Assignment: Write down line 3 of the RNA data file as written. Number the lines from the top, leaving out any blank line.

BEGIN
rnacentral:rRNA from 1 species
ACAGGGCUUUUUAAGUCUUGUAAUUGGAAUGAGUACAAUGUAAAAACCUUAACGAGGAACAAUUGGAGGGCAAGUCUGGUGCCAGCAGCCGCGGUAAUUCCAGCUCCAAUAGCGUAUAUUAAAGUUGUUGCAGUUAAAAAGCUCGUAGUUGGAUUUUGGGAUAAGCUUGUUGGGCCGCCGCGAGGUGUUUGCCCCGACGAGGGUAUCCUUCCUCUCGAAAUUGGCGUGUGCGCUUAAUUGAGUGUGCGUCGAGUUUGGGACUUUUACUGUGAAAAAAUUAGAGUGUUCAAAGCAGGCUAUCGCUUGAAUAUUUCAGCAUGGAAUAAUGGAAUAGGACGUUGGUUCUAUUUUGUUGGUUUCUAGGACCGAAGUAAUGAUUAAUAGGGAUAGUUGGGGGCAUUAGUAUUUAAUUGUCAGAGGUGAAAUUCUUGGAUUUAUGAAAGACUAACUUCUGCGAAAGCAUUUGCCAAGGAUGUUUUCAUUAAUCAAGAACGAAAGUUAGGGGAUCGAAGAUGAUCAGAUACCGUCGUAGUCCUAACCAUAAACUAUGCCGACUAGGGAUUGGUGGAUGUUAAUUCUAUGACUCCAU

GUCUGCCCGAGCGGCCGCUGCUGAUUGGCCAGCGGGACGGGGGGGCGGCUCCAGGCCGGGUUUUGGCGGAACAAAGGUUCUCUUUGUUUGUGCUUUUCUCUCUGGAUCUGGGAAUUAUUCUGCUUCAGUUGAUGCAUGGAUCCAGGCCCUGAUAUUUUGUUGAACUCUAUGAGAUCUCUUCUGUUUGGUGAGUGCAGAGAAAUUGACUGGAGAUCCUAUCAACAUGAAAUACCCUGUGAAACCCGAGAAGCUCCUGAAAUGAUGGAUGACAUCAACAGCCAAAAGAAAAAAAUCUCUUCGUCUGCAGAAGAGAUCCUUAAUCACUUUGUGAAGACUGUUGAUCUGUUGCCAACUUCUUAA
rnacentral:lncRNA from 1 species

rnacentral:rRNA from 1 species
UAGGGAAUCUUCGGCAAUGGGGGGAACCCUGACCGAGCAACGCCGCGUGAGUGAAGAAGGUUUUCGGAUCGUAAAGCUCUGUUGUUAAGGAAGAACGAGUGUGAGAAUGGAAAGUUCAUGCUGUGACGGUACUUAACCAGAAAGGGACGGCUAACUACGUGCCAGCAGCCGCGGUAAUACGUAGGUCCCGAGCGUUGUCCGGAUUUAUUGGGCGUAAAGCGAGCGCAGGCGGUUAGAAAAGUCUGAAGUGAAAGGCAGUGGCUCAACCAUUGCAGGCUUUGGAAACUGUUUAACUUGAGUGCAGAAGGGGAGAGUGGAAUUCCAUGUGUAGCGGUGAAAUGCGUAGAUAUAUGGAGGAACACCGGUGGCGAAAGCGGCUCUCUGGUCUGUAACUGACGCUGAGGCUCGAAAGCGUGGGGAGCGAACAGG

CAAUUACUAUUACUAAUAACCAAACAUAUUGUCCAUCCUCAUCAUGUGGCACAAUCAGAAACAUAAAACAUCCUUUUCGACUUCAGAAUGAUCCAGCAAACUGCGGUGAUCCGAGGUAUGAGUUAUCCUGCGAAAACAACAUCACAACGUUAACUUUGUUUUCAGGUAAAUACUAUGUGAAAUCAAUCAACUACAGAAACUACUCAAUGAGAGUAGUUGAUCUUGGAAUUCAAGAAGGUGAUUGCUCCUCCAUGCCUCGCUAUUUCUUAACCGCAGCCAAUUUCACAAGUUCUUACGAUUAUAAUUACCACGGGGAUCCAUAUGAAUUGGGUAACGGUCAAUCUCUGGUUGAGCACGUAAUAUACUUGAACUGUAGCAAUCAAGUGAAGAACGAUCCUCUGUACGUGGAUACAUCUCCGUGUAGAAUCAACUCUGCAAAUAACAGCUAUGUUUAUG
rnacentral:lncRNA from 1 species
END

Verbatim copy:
GUCUGCCCGAGCGGCCGCUGCUGAUUGGCCAGCGGGACGGGGGGGCGGCUCCAGGCCGGGUUUUGGCGGAACAAAGGUUCUCUUUGUUUGUGCUUUUCUCUCUGGAUCUGGGAAUUAUUCUGCUUCAGUUGAUGCAUGGAUCCAGGCCCUGAUAUUUUGUUGAACUCUAUGAGAUCUCUUCUGUUUGGUGAGUGCAGAGAAAUUGACUGGAGAUCCUAUCAACAUGAAAUACCCUGUGAAACCCGAGAAGCUCCUGAAAUGAUGGAUGACAUCAACAGCCAAAAGAAAAAAAUCUCUUCGUCUGCAGAAGAGAUCCUUAAUCACUUUGUGAAGACUGUUGAUCUGUUGCCAACUUCUUAA